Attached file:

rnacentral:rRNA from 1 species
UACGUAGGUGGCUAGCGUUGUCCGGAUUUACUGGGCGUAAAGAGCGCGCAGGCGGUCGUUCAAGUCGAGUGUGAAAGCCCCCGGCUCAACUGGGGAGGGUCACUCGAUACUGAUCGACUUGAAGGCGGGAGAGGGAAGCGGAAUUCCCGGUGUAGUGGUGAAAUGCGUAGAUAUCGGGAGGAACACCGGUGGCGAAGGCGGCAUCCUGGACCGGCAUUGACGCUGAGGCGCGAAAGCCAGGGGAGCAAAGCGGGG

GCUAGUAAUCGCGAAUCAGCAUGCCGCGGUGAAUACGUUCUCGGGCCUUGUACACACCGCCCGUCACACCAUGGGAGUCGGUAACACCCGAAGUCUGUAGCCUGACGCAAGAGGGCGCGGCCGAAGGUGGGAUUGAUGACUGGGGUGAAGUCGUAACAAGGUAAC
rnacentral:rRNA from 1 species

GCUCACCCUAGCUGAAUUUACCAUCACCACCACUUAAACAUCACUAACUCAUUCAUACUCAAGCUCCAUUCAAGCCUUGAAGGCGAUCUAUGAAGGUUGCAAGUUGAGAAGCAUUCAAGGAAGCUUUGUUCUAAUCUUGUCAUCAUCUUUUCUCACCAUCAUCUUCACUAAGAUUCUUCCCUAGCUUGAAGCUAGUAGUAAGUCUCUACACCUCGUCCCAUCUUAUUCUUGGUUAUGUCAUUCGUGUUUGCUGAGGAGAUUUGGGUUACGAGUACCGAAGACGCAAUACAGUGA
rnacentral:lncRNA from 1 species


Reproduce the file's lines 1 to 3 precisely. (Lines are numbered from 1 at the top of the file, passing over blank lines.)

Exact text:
rnacentral:rRNA from 1 species
UACGUAGGUGGCUAGCGUUGUCCGGAUUUACUGGGCGUAAAGAGCGCGCAGGCGGUCGUUCAAGUCGAGUGUGAAAGCCCCCGGCUCAACUGGGGAGGGUCACUCGAUACUGAUCGACUUGAAGGCGGGAGAGGGAAGCGGAAUUCCCGGUGUAGUGGUGAAAUGCGUAGAUAUCGGGAGGAACACCGGUGGCGAAGGCGGCAUCCUGGACCGGCAUUGACGCUGAGGCGCGAAAGCCAGGGGAGCAAAGCGGGG

GCUAGUAAUCGCGAAUCAGCAUGCCGCGGUGAAUACGUUCUCGGGCCUUGUACACACCGCCCGUCACACCAUGGGAGUCGGUAACACCCGAAGUCUGUAGCCUGACGCAAGAGGGCGCGGCCGAAGGUGGGAUUGAUGACUGGGGUGAAGUCGUAACAAGGUAAC